- It’s totally okay to take breaks, you don’t have to be there the whole time. If you’re smart you will make a schedule with the rest of the team attending so that there is someone at your booth at all times.
- Let the game speak for itself. You don’t have to cover every aspect of it before someone gets to play. Oftentimes, the one you’re speaking to will lose interest if they don’t get to try it out. That’s most likely what they’re there for.
On top of that you shouldn’t just let them leave your booth and forget about you. As I mentioned before, giveaways (preferably with your logo on them) is a great way to make them remember you. On top of that you can also have newsletter signups, links to your social media pages, and so on and so forth so that they can find a way to stay updated on the development of your game.
However, most people won’t just sign up for a newsletter even if they’re interested, so try to think of a way to solve that issue. For example, during Gamex, we had Beta-signups for RUiN (everyone wants to sign up for a beta) and in the signup form we had a checkbox for receiving our newsletter. 95% of the people signing up accepted the newsletter as well!
To give you a sense of how you’ll feel at the end of the last day
So, you survived the convention/tradeshow and you’re back home, at last. Finally, you’ll get some time to rest…
Just kidding, this is not the time to rest. Not even close. What you’re going to do next is to use the momentum you’ve created. If you don’t, all the work you’ve put in this far will have been for naught.
Basically, what you want to do now is follow up on your actions during the event. If you had a bunch of meetings with publishers and alike, you (hopefully) promised to send them some kind of information. You might have promised them a summary of the game and the trailer for them to pitch the game internally. Maybe you even said you’d send them the prototype or vertical slice that you’ve created. Even if you didn’t promise them anything, you should still get in touch to make sure they don’t forget you exist. You’re still allowed to send them material even if you spoke nothing of such trivial matters!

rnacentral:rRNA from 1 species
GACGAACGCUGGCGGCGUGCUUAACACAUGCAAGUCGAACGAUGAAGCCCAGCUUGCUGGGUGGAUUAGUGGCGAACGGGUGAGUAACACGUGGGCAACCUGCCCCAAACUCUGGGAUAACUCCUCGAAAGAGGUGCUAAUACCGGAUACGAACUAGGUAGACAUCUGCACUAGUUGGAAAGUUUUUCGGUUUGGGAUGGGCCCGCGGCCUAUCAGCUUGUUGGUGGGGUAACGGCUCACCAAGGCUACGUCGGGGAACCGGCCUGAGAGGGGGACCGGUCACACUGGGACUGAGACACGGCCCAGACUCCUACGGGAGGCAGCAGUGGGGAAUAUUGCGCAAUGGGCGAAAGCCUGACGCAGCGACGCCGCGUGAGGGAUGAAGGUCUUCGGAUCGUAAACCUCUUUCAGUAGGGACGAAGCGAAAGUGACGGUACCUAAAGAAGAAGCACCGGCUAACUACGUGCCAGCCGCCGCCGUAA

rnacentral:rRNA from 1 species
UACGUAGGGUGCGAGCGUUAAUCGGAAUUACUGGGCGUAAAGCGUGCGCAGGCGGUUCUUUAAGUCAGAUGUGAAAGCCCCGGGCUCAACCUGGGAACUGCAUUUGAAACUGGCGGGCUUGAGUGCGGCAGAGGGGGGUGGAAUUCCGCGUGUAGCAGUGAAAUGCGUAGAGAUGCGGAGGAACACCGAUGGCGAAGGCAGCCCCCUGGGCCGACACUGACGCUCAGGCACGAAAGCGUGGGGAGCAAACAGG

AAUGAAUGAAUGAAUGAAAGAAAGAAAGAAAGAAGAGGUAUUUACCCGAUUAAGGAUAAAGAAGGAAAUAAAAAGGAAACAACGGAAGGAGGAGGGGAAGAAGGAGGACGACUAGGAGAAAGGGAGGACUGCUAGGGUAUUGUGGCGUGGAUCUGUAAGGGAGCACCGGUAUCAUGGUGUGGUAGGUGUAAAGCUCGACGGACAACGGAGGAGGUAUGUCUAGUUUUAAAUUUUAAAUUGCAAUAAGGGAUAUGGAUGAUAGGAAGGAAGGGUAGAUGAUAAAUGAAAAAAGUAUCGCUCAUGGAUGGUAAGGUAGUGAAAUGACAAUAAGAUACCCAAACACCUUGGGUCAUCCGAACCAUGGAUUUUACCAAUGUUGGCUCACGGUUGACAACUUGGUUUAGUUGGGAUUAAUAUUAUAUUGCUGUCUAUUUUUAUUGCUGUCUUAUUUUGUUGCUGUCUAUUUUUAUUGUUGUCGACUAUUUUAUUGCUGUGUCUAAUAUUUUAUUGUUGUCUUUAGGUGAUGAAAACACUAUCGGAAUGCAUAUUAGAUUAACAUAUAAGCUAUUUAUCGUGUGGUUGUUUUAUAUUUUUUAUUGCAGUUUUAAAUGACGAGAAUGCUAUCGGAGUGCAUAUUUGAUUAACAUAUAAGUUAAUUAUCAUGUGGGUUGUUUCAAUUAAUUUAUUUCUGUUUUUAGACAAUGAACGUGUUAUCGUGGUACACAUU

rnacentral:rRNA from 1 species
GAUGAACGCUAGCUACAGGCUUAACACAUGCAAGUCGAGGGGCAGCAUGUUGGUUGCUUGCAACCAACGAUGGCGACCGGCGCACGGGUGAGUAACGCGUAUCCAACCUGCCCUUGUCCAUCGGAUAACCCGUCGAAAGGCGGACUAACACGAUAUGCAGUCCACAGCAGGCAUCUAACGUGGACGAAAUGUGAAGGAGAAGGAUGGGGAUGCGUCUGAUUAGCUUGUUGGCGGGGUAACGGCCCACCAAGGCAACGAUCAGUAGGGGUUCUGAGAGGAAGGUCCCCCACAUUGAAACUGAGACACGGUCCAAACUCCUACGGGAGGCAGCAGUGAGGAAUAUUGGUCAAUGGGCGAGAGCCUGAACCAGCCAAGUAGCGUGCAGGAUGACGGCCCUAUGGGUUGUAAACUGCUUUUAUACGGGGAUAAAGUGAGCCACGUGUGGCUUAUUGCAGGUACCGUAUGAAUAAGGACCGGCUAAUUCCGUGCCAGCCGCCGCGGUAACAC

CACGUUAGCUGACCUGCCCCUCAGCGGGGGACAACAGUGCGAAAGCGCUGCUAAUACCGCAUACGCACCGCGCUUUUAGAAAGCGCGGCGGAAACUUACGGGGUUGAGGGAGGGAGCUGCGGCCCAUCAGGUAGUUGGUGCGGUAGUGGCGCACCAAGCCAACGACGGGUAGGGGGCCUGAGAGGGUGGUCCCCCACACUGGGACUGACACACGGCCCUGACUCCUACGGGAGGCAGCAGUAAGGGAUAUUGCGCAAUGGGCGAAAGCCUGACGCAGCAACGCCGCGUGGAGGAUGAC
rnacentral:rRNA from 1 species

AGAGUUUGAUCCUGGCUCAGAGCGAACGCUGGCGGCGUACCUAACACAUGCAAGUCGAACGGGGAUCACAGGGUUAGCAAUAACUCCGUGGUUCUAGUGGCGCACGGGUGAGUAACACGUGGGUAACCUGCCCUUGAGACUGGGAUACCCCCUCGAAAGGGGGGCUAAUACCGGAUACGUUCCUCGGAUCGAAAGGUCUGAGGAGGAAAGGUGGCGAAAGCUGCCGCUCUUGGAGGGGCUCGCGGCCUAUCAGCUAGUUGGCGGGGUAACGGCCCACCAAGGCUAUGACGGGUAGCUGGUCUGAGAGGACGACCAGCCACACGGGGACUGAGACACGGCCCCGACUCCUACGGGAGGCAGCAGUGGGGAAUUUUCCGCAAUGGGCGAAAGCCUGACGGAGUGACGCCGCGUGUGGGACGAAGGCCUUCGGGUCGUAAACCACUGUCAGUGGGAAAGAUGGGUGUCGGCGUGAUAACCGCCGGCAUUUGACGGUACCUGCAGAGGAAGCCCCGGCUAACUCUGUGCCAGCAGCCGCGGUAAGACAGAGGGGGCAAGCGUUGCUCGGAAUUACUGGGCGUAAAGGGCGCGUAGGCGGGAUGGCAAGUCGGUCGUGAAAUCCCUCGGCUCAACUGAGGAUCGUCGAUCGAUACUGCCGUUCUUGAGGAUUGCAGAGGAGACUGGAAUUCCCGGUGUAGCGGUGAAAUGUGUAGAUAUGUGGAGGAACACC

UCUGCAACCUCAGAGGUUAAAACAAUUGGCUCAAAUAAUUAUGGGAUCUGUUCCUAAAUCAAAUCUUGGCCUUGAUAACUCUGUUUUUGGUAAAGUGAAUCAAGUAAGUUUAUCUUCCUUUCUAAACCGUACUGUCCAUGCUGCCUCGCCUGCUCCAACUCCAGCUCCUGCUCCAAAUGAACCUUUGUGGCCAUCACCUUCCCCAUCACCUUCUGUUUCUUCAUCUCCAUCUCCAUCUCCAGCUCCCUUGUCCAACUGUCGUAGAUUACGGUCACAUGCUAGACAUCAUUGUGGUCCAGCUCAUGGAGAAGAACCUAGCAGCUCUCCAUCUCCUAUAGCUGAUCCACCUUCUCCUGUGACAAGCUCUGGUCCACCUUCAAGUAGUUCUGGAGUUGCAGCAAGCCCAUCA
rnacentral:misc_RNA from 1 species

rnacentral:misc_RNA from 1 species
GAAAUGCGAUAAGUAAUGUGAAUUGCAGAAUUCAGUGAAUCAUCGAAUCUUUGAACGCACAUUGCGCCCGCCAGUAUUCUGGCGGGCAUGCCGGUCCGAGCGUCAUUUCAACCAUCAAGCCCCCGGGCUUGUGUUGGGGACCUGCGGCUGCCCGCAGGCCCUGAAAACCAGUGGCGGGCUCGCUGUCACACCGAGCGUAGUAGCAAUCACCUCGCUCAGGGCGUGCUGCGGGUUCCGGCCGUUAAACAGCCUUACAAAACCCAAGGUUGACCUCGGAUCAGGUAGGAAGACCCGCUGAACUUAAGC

In other words, you now want to have some things ready. Material like trailers, prototypes or promo art you most likely already have and brought with you to the conference. However, you might not have a pitch summary or presentation ready for them. Don’t worry, they shouldn’t take that long to make considering you’ve already pitched the game.
Yes, this is a filler pic.
What you want to do is outline the core features of the game, how you’re planning to monetize on the game and a short summary of why they should choose your studio. It shouldn’t be more than one or two pages long. Just make sure that you focus on the important aspects; they will most likely not care about that awesome custom particle effects tool you built for unity.
Concerning the press, this is the time to send out that press kit if you did not do it beforehand. Whatever the case, you should still give them a heads up and thank them for their time. If you did do a bunch of interviews you must also start keeping track on the web, if you did talk to people from analogue magazines you will want to keep track of these magazines as well, to see if you’re mentioned anywhere. If you are, start analyzing what they wrote. You will probably be devastated about how they misinterpreted everything. Well, stop your whining and think about what you did wrong during the interview and how you can fix that until next time instead. Everyone has bad interviews, it won’t RUiN (see what I did there?) your game as long as you do better next time.
Last, but definitely not least, if you talked to loads of potential players during the event you have some following up to do as well. With any luck, you probably have a lot of new followers in social media, newsletter signups or some other form of attention now. Make sure to follow up on your promises and keep them updated. Start working that twitter account like your hands are on fire and write the best god damn newsletter the world has ever seen. Plan your marketing and try to give them some major updates at least once a month. A new trailer, some new previously unknown information about the game like a new, previously undisclosed alien race or some gameplay footage, to give you an example. It’s good to have these things planned out even before the event so that you don’t tell the players of every little detail of your game. As I’ve said before, focus on the core features of your game. Once they’re hooked, they will care about the other stuff as well.
I think I will abruptly end it here. I’ve written far too much already and I’m almost a week past deadline. I’m impressed that you made it through all those lines of text and hope you’ve at least gotten a few ideas on what to do the next time you head out and show off your game.
You made it!
If you have any questions or think I’m full of shit, please do share these thoughts in the comment section below. Back rubbing is totally welcome as well.
And remember to sign up for our Beta (and newsletter).
For more reading on this subject and PR/marketing in general, you should read Pixel Prospectors Big List Of Indie Game Marketing. It’s awesome and has helped me a lot!
Partypic can be found below, sort of.
Project Manager & Lead Designer
Yes, that’s me fighting a gryphonlikebirdthingy and, of course, protecting the helpless lady. Damn it, stereotypes.